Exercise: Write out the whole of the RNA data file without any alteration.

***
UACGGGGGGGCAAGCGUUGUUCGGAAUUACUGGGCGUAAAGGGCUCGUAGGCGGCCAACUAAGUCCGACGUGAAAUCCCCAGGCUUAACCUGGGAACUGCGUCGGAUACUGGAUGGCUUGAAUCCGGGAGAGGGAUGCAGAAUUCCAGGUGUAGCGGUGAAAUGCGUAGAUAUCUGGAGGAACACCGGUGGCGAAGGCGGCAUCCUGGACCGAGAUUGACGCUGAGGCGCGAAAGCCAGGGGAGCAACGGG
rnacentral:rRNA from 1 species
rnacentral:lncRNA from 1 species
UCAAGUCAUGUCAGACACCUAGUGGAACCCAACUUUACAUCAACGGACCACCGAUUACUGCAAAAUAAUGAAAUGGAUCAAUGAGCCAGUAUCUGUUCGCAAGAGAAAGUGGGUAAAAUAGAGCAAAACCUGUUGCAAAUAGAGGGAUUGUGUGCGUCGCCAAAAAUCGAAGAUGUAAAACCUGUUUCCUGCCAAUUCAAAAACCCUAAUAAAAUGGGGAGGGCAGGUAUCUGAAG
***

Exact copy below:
UACGGGGGGGCAAGCGUUGUUCGGAAUUACUGGGCGUAAAGGGCUCGUAGGCGGCCAACUAAGUCCGACGUGAAAUCCCCAGGCUUAACCUGGGAACUGCGUCGGAUACUGGAUGGCUUGAAUCCGGGAGAGGGAUGCAGAAUUCCAGGUGUAGCGGUGAAAUGCGUAGAUAUCUGGAGGAACACCGGUGGCGAAGGCGGCAUCCUGGACCGAGAUUGACGCUGAGGCGCGAAAGCCAGGGGAGCAACGGG
rnacentral:rRNA from 1 species
rnacentral:lncRNA from 1 species
UCAAGUCAUGUCAGACACCUAGUGGAACCCAACUUUACAUCAACGGACCACCGAUUACUGCAAAAUAAUGAAAUGGAUCAAUGAGCCAGUAUCUGUUCGCAAGAGAAAGUGGGUAAAAUAGAGCAAAACCUGUUGCAAAUAGAGGGAUUGUGUGCGUCGCCAAAAAUCGAAGAUGUAAAACCUGUUUCCUGCCAAUUCAAAAACCCUAAUAAAAUGGGGAGGGCAGGUAUCUGAAG